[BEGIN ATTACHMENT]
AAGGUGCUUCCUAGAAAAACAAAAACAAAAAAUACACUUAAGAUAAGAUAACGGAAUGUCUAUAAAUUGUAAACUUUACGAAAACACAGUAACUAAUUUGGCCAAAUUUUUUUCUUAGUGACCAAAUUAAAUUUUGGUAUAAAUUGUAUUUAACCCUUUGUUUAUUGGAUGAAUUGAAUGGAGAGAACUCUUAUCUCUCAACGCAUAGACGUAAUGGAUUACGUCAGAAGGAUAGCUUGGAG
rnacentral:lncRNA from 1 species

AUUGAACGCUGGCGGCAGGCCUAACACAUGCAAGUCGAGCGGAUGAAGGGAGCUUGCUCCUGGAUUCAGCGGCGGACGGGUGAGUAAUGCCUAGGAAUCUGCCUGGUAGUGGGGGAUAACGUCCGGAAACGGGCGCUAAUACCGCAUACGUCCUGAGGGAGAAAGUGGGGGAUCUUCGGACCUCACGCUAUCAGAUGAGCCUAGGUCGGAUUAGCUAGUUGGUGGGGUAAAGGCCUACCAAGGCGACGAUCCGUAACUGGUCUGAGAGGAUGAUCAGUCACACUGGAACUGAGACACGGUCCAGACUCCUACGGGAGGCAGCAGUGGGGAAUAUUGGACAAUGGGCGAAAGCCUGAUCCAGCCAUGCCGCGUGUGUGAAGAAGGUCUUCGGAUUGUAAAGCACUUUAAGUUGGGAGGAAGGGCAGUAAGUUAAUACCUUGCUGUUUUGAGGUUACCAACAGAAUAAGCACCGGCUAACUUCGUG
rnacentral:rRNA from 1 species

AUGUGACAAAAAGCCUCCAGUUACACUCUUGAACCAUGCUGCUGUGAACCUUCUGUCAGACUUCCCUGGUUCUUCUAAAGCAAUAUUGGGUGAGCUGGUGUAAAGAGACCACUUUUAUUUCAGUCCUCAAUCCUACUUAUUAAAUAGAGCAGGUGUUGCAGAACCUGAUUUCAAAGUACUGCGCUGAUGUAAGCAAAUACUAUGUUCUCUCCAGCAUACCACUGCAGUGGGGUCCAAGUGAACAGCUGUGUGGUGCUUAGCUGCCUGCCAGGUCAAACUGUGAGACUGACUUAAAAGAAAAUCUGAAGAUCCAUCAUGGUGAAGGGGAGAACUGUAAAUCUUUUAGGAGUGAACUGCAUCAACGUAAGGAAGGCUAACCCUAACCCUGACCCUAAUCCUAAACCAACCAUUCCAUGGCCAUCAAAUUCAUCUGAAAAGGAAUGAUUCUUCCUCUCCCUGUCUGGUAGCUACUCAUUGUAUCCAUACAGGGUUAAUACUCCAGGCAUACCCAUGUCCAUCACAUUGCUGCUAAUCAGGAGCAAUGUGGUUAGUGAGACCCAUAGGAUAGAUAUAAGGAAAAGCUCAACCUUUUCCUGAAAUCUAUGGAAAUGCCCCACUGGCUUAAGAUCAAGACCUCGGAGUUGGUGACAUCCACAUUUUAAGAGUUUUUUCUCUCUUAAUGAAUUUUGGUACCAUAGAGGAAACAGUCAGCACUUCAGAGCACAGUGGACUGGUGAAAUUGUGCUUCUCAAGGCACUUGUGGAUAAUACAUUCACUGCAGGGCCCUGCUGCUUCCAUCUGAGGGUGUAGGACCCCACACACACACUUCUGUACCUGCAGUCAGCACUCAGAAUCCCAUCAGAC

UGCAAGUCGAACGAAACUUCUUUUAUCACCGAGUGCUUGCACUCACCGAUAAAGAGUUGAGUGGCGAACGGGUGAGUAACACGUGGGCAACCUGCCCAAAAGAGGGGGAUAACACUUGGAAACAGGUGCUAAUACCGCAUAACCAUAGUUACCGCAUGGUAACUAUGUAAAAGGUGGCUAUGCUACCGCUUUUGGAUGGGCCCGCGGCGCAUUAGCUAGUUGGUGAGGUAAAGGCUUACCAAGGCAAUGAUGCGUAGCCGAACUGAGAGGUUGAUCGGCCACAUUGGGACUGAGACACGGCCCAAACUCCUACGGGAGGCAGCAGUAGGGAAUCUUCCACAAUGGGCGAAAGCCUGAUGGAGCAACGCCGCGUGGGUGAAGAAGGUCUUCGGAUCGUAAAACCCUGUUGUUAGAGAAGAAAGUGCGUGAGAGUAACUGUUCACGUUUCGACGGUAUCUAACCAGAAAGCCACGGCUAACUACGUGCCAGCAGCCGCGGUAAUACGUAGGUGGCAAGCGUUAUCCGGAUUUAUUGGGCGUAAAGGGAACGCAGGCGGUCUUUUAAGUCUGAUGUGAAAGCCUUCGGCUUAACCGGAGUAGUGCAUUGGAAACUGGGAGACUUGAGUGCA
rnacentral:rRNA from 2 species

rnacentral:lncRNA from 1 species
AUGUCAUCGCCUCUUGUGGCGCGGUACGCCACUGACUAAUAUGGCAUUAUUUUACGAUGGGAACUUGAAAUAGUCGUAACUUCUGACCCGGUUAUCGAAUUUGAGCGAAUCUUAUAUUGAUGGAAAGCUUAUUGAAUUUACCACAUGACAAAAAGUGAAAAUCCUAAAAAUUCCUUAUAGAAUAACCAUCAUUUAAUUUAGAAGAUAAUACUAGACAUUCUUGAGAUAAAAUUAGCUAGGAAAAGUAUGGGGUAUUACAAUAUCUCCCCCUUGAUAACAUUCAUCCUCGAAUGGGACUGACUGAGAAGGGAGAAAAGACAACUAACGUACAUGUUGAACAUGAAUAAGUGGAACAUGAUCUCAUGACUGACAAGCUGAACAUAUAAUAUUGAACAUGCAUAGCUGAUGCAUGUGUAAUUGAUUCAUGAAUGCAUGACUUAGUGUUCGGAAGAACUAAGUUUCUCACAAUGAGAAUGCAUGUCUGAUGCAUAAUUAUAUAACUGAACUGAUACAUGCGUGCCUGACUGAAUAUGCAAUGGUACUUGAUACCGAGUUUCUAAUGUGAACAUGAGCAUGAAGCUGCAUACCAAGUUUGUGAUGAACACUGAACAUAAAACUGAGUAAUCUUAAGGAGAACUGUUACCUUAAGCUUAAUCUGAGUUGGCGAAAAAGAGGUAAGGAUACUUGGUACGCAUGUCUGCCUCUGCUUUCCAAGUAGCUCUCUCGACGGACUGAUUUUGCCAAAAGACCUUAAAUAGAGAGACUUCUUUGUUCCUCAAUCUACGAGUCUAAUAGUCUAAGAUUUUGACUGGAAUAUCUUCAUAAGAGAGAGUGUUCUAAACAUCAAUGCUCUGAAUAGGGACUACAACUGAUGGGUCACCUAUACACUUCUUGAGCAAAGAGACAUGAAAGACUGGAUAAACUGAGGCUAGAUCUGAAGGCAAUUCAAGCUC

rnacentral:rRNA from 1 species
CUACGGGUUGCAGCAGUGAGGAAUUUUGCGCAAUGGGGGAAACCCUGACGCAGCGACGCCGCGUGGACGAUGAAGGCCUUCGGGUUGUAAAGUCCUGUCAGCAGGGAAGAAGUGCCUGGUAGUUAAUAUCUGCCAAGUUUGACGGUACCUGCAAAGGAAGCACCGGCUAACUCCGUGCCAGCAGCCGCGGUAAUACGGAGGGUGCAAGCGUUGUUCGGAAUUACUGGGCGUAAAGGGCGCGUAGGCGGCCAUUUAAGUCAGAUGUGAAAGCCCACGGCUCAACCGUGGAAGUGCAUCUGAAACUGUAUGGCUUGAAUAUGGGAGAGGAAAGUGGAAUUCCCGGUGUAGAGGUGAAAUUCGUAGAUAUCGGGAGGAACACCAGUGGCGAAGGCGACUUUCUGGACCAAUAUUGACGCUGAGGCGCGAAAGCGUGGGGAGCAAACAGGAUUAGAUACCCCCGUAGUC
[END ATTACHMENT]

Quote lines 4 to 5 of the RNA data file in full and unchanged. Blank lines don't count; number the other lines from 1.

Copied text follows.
rnacentral:rRNA from 1 species

AUGUGACAAAAAGCCUCCAGUUACACUCUUGAACCAUGCUGCUGUGAACCUUCUGUCAGACUUCCCUGGUUCUUCUAAAGCAAUAUUGGGUGAGCUGGUGUAAAGAGACCACUUUUAUUUCAGUCCUCAAUCCUACUUAUUAAAUAGAGCAGGUGUUGCAGAACCUGAUUUCAAAGUACUGCGCUGAUGUAAGCAAAUACUAUGUUCUCUCCAGCAUACCACUGCAGUGGGGUCCAAGUGAACAGCUGUGUGGUGCUUAGCUGCCUGCCAGGUCAAACUGUGAGACUGACUUAAAAGAAAAUCUGAAGAUCCAUCAUGGUGAAGGGGAGAACUGUAAAUCUUUUAGGAGUGAACUGCAUCAACGUAAGGAAGGCUAACCCUAACCCUGACCCUAAUCCUAAACCAACCAUUCCAUGGCCAUCAAAUUCAUCUGAAAAGGAAUGAUUCUUCCUCUCCCUGUCUGGUAGCUACUCAUUGUAUCCAUACAGGGUUAAUACUCCAGGCAUACCCAUGUCCAUCACAUUGCUGCUAAUCAGGAGCAAUGUGGUUAGUGAGACCCAUAGGAUAGAUAUAAGGAAAAGCUCAACCUUUUCCUGAAAUCUAUGGAAAUGCCCCACUGGCUUAAGAUCAAGACCUCGGAGUUGGUGACAUCCACAUUUUAAGAGUUUUUUCUCUCUUAAUGAAUUUUGGUACCAUAGAGGAAACAGUCAGCACUUCAGAGCACAGUGGACUGGUGAAAUUGUGCUUCUCAAGGCACUUGUGGAUAAUACAUUCACUGCAGGGCCCUGCUGCUUCCAUCUGAGGGUGUAGGACCCCACACACACACUUCUGUACCUGCAGUCAGCACUCAGAAUCCCAUCAGAC